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Course Description
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Business Economics
University of Westminster
London, England

Subject Area(s) Level(s) Instruction in Credits Contact Hours Prerequisites
Business 200 English 4 50 N/A

Module Code: 2ECO401

Summary of Module content

Business Economics provides a foundation in economics with specific business applications


Module Aims

The module aims to:

·         enable students to recognise, describe and relate to basic micro- and macro-economic concepts and simple models

·         enable students to identify the principle applications of economic concepts to business and the business environment

·         develop students’ transferable skills in using models


Learning Outcomes

On completion of this module, the successful student should be able to:

1.      identify and explain the use of business economic tools and techniques.

2.      apply business economic tools and techniques to business situations

3.     construct and present ideas in a coherent manner aided by simple economic modelling.


Indicative Syllabus Content

Topics may be covered may include but are not limited to:

1.             Demand analysis: determinants of demand; elasticities of demand; implications for pricing, product & planning decisions.

2.             Cost analysis: short-run cost behaviour; implications for pricing decisions; long-run costs – economies of scale; Supply; implications for competitiveness & market structure.

3.             Market structure and implications for conduct & performance; competition versus monopoly and oligopolistic markets.

4.             Competition policy; analysis of policies towards dominance, anti-competitive practices, and mergers & acquisitions;

5.             National Product and Income. The circular flow and overview of the role of government in the economy

6.             Macroeconomic mechanisms and Policies. Control of inflation and promotion of employment and growth. Exchange rates.


Teaching and Learning Methods

This Module is delivered primarily through the Blackboard virtual learning environment. Students should work through the materials and self-study questions in this Handbook and those provided online. It is important that you do this week by week and do not get behind schedule.

In addition there will be ‘live’ meetings as time-tabled. The major means of communication between students and staff will be the Discussion Board forums on Blackboard. Here you should raise, as they arrive, issues from the Presentations, Handbook notes and the various kinds of self-study question. I will expect several contentful messages from each student every week.


Assessment Rationale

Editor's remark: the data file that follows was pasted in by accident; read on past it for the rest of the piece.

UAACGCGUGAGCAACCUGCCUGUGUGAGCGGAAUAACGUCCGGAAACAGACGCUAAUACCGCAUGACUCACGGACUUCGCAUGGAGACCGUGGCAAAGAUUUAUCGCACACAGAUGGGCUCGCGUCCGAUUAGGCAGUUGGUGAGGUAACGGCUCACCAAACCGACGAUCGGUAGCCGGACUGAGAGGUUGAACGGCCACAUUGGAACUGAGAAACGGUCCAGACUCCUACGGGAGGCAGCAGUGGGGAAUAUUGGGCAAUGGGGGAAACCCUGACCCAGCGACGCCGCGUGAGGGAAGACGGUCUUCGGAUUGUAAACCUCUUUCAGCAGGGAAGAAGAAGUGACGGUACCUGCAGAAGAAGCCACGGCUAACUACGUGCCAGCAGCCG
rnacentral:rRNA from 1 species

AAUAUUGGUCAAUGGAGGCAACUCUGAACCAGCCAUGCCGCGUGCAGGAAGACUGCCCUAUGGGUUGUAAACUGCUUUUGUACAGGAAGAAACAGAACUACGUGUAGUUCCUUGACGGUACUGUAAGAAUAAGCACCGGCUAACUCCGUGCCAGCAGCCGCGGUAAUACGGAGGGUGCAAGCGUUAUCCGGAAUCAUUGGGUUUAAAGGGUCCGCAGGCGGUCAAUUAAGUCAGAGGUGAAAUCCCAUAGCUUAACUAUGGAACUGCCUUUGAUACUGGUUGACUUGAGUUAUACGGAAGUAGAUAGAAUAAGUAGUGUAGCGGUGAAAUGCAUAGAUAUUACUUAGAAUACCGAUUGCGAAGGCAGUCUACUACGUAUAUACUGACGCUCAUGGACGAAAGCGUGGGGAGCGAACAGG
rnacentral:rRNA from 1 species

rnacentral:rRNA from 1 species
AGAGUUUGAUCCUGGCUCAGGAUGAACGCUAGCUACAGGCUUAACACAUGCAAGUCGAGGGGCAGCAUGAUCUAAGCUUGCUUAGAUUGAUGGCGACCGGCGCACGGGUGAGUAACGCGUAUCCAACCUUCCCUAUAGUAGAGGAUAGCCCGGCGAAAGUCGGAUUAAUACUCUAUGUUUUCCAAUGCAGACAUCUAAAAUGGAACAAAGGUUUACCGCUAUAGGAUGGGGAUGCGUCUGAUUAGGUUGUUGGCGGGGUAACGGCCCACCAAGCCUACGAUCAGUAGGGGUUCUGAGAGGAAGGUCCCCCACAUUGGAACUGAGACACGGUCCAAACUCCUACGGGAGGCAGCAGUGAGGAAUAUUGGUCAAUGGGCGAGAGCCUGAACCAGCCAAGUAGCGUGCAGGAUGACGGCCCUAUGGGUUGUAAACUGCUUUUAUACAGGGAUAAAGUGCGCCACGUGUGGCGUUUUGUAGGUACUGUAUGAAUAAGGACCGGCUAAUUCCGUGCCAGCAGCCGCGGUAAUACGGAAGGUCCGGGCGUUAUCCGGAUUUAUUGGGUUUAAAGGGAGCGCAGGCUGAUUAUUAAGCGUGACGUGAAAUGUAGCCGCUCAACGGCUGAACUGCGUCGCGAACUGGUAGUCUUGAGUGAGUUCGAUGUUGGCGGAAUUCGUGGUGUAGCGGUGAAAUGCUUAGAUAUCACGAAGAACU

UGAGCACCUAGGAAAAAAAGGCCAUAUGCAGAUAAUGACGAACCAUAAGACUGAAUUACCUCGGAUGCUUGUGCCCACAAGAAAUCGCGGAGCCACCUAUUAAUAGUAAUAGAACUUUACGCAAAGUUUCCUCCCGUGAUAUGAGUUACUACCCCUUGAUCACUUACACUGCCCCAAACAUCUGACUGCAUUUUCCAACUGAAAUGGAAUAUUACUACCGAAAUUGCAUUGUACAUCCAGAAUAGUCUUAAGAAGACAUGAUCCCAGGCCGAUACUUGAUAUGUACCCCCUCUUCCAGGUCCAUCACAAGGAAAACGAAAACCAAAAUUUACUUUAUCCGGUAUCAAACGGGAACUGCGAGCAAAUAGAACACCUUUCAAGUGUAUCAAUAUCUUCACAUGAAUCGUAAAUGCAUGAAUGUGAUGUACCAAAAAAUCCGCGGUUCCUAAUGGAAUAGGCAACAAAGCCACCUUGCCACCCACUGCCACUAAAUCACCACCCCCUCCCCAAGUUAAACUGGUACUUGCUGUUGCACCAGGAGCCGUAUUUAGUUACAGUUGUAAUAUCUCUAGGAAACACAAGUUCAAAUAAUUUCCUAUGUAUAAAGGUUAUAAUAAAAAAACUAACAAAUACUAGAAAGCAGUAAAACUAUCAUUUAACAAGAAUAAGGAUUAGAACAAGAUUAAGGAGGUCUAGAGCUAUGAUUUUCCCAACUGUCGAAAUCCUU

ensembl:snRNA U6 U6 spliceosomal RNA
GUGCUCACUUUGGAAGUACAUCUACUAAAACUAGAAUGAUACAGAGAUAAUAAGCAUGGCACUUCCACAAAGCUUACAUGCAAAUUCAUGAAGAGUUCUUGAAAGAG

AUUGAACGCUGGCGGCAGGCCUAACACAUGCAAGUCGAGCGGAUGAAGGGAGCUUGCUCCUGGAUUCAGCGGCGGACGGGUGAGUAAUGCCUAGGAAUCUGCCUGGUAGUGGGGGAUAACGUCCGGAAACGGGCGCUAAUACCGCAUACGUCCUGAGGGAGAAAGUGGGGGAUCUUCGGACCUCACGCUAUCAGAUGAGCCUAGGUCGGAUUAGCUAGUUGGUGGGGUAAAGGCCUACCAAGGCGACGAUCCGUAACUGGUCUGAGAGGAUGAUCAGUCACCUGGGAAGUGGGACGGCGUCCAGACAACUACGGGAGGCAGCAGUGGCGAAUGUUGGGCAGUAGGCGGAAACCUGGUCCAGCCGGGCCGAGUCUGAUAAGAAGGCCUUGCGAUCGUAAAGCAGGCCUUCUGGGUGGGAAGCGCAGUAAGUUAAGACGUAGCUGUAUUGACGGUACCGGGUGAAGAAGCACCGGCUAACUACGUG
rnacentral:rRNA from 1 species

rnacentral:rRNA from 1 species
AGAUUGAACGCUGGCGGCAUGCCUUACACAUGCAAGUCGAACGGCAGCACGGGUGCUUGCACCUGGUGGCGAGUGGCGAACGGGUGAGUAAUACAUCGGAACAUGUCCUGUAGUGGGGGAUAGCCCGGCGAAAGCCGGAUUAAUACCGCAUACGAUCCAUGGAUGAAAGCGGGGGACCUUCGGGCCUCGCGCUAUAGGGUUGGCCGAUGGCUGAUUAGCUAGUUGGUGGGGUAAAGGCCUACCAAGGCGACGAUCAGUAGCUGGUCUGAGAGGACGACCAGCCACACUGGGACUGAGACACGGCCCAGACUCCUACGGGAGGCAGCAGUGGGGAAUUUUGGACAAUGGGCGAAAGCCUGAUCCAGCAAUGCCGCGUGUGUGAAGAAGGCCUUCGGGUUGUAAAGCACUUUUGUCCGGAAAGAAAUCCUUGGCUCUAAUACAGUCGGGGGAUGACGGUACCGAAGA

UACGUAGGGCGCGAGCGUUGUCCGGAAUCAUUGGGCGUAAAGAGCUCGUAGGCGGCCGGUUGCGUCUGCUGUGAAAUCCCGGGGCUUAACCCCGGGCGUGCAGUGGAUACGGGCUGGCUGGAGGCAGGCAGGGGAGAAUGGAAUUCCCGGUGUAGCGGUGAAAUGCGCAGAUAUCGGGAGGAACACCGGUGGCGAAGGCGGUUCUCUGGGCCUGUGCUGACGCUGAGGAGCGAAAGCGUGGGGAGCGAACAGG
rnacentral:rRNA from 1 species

Students will be assessed by:

1.      A multiple choice class test towards the end of the teaching period.

2.      Participation in online discussion to develop proactive learning and facilitate timely feedback on student progress.

Assessment Criteria

  1. The Class Test will test students grasp of basic economic concepts and models and their application to business and its environment
  2. Online discussion will provide timely and effective formative feedback to facilitate student learning. Students will be assessed on:

·                     Their growing knowledge of the module material

·                     Their ability to pose coherent questions, taking into account module material to date and earlier discussion in the same thread

·                     Their ability to respond coherently and knowledgeably to other participants questions and arguments.

·                     Their ability to relate the economics that they are learning to relevant current events.

Assessment Methods and Weightings


Class Test:     100%


The pass mark for this module is 40%. 



Essential reading

David Begg & Damian Ward: Economics for Business, McGraw-Hill Education, 2003 [You are strongly urged to buy this, the main Module Text Book]

Further reading

(Latest edn. In each case)

Baye M R, Managerial Economics & Business Strategy, McGraw-Hill, 2000

Brewster D: Business Economics, Dryden, 1997

Dobbs I Managerial Economics, OUP, 2000

Hornby W, Gammie B & Wall S, Business Economics, FT Prentice Hall, 2001

Griffiths A & Wall S (eds.): Applied Economics, Longman, 2001

Png I, Managerial Economics, Blackwell, 2002

Sloman J & M Sutcliffe: Economics for Business, FT Prentice Hall, 2001 [This goes into a bit more detail, and so is useful for looking up specific models and so on]

Sloman, J: The Economic Environment of Business, FT Prentice Hall, 2005 [This new book relates the economics to strategic issues rather well]

Sloman, J: Economics, Prentice Hall, 2000 [This is an introductory Text for Economics Students. Again, useful for looking up particular 'technical' issues]

Periodical references

Reference will be made to relevant journal articles wherever necessary such as Journal of Industrial Economics, International Journal of the Economics of Business, Journal of Applied Economics, Economic Issues, Economic Policy

WWW References

UK Competition Commission (

Economist magazine (

Economist Country Briefings (

Financial Times (

FT Business Specials (

Guardian Unlimited Archive (

Office of Fair Trading (

Office for National Statistics (

International Monetary Fund (

European Central Bank (

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